Stuck on the depth chart behind Sanders, Antonio Brown and Jerricho Cotchery, Wheaton had played only 124 total offensive snaps before Week 16, according to Pro Football Focus (subscription required). He's been targeted only 12 times, with six catches for 64 yards, 38 yards after the catch, no scores and two drops.
While receiver is a difficult position for a rookie to master, it makes little sense that Wheaton has gotten so few opportunities in 2013. Perhaps he is still too raw, and his 50 percent catch rate also seems to smack of overthinking his playing assignments rather than simply securing the football. But Wheaton's development needs to accelerate in the 2014 offseason, as it looks like more will be asked of him going forward.
via Pro Football Focus (subscription required)
Sanders, Cotchery and Plaxico Burress (on injured reserve) are all set to be unrestricted free agents in 2014, and only Cotchery has a good shot of getting a new contract from the Steelers. If that is the case, Wheaton will be thrust into the starting lineup out of necessity, which means he'll see more than 12 passes thrown his way and will need to catch more than half of his targets.
The Steelers need to focus time and resources on Wheaton's preparedness this offseason and get him ready to be a starter in their pass-heavy offense. Sanders has 65 catches for 714 yards and six touchdowns and is averaging 47.6 receiving yards per game. That's the kind of production they will need out of Wheaton next year. He needs to be able to do it.
A Solution to the LaMarr Woodley-Jason Worilds Situation
The Steelers gave outside linebacker LaMarr Woodley a six-year, $61.5 million contract extension in 2011, a reward for him seemingly being one of the better pass-rushers in the league. However, in the three seasons since that deal, Woodley has become an albatross on the roster and salary cap.
Woodley is owed approximately half of that as the team's second-highest paid player. But he hasn't done much to earn it, missing a total of 14 games (counting Sunday's against the Cleveland Browns) since signing the contract. As the Pittsburgh Tribune-Review's Dejan Kovacevic points out, Woodley's 18 sacks since the start of the 2011 season have been worth an expensive $500,000 apiece. The Steelers are not getting their money's worth with Woodley, and something has to give.
What complicates the Woodley problem even further is the emergence of Jason Worilds, who was moved to left outside linebacker when Woodley first fell injured earlier this season. Worilds leads the Steelers in sacks this year with eight, and he has 13 over the last two seasons. He's also about to become an unrestricted free agent.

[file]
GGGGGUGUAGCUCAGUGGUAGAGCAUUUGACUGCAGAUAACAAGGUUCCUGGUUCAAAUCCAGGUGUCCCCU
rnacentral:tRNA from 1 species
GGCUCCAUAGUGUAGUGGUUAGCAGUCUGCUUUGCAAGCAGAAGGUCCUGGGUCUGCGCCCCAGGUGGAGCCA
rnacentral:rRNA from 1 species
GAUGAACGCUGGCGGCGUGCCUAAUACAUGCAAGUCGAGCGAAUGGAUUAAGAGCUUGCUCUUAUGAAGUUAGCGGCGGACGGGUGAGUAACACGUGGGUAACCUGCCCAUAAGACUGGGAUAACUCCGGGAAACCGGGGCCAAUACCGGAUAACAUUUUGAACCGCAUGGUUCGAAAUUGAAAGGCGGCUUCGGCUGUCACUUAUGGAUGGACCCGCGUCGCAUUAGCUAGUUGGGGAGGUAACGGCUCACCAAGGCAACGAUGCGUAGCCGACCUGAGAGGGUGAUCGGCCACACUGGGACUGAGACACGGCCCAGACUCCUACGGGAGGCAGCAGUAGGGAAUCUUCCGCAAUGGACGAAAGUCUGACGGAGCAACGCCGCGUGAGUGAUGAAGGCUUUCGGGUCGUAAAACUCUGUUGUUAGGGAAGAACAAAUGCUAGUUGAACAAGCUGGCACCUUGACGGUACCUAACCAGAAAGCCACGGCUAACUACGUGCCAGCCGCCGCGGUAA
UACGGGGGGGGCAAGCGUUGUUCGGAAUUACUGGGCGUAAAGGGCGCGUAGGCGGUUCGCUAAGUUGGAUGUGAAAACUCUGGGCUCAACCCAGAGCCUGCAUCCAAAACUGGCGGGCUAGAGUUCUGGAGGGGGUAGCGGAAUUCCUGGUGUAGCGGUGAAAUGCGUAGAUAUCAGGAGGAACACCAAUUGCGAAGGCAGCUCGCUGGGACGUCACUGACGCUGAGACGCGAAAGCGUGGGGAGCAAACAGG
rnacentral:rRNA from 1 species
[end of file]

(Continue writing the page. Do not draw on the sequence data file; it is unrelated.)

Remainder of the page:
Free agents with seasons like the one Worilds has had do not go unnoticed. They also don't go underpaid. But the Steelers, with their terrible salary-cap situation (yet again) cannot afford to pay Woodley his large salary while trying to put together a deal for Worilds. And the franchise tag might not be wise either, as it is expected to be around $11 million for 2014.
Who would you prefer to be on the Steelers roster in 2014?
Kovacevic notes that if Worilds knows Woodley is history—likely with a June 1 cut designation that reduces the cap hit on the Steelers from $14.17 million for 2014 to a staggered amount that is spread over 2014 and 2015—then Worilds would be more willing to take a new contract. He'd know he was a starter, and a deal could be worked out to pay Worilds what he's worth while also making it cap-friendly for Pittsburgh.
Without that assurance, though, Worilds would again be third on the depth chart, especially with first-round 2013 pick Jarvis Jones almost guaranteed a starting job next year thanks to his draft pedigree. Worilds would likely leave because he could start and get paid elsewhere.
Worilds is 25 years old and doesn't have the history of injury Woodley has. He'll also be less expensive to sign than it would be to pay Woodley. If the Steelers can get a new contract done with Worilds and cut Woodley with the June 1 designation, they'll be better for it in both the short term and long run. Keeping both is not an option.
Get Instantly Younger on Defensive Back
If there were a magic wand one could wave over cornerbacks and safeties to instantly make them eight years younger, the Steelers would be first in line to use it. Ryan Clark is turning 35 in October, Troy Polamalu turns 33 in April, and Ike Taylor turns 34 in May. All three are approaching the end of their careers, and if they all decide to pack it in at the same time, that could be trouble for the Steelers.
In particular, safety would be a troublesome position if the Steelers found themselves without both Clark and Polamalu in 2014. Shamarko Thomas, one of the team's two 2013 fourth-round draft picks, can play either free or strong safety, so he'd be a lock to be a starter. Will Allen or Robert Golden could take the other spot, with Allen having the edge in run-stopping but not in coverage.
But replacing such a high-impact core in the secondary will be a challenge, even if the Steelers have enough defensive backs on their roster to do it. The magic wand idea would be their best option, but that wand unfortunately does not exist.